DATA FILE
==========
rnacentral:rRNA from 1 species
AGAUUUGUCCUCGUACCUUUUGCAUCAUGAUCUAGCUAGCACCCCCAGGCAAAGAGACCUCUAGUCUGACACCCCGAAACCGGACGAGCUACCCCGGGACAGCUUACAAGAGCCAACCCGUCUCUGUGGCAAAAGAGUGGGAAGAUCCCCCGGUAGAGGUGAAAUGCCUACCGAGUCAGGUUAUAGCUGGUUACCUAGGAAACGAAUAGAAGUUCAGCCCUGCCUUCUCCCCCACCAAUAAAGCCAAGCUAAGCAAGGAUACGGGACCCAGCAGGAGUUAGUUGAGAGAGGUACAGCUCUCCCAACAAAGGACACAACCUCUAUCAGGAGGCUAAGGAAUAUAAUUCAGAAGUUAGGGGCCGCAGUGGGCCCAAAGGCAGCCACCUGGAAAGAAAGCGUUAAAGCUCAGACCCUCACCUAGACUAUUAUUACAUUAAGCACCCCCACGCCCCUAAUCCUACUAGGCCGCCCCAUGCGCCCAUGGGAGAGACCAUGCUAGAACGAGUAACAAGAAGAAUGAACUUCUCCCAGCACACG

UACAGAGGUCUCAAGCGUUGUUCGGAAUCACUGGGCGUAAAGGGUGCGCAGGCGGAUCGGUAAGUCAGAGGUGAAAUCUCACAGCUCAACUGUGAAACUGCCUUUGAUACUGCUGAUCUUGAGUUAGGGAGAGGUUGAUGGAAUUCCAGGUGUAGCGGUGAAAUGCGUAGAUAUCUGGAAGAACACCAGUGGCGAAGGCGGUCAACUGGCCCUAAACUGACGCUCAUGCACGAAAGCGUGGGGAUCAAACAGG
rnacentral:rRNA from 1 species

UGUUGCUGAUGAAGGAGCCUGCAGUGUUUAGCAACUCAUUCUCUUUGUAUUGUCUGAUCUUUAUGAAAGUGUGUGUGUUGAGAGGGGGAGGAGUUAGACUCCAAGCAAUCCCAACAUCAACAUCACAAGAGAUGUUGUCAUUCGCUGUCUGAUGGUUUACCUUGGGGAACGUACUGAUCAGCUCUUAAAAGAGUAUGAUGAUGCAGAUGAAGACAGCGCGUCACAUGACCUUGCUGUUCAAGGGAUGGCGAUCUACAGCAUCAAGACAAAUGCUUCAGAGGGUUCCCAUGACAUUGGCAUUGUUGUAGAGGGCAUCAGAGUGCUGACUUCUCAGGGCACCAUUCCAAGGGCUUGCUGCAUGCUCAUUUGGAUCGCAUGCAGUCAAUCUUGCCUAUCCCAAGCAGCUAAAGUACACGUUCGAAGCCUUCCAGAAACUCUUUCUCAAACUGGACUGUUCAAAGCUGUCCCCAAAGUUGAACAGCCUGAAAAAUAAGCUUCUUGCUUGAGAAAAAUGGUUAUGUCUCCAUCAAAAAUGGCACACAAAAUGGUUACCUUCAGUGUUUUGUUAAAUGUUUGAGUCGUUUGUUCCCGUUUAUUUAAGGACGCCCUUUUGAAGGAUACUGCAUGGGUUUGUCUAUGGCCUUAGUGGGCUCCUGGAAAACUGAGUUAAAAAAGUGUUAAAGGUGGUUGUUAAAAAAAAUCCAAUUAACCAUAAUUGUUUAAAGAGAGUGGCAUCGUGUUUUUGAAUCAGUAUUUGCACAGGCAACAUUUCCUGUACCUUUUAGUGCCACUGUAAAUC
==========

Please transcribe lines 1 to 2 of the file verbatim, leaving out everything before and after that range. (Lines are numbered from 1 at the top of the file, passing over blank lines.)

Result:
rnacentral:rRNA from 1 species
AGAUUUGUCCUCGUACCUUUUGCAUCAUGAUCUAGCUAGCACCCCCAGGCAAAGAGACCUCUAGUCUGACACCCCGAAACCGGACGAGCUACCCCGGGACAGCUUACAAGAGCCAACCCGUCUCUGUGGCAAAAGAGUGGGAAGAUCCCCCGGUAGAGGUGAAAUGCCUACCGAGUCAGGUUAUAGCUGGUUACCUAGGAAACGAAUAGAAGUUCAGCCCUGCCUUCUCCCCCACCAAUAAAGCCAAGCUAAGCAAGGAUACGGGACCCAGCAGGAGUUAGUUGAGAGAGGUACAGCUCUCCCAACAAAGGACACAACCUCUAUCAGGAGGCUAAGGAAUAUAAUUCAGAAGUUAGGGGCCGCAGUGGGCCCAAAGGCAGCCACCUGGAAAGAAAGCGUUAAAGCUCAGACCCUCACCUAGACUAUUAUUACAUUAAGCACCCCCACGCCCCUAAUCCUACUAGGCCGCCCCAUGCGCCCAUGGGAGAGACCAUGCUAGAACGAGUAACAAGAAGAAUGAACUUCUCCCAGCACACG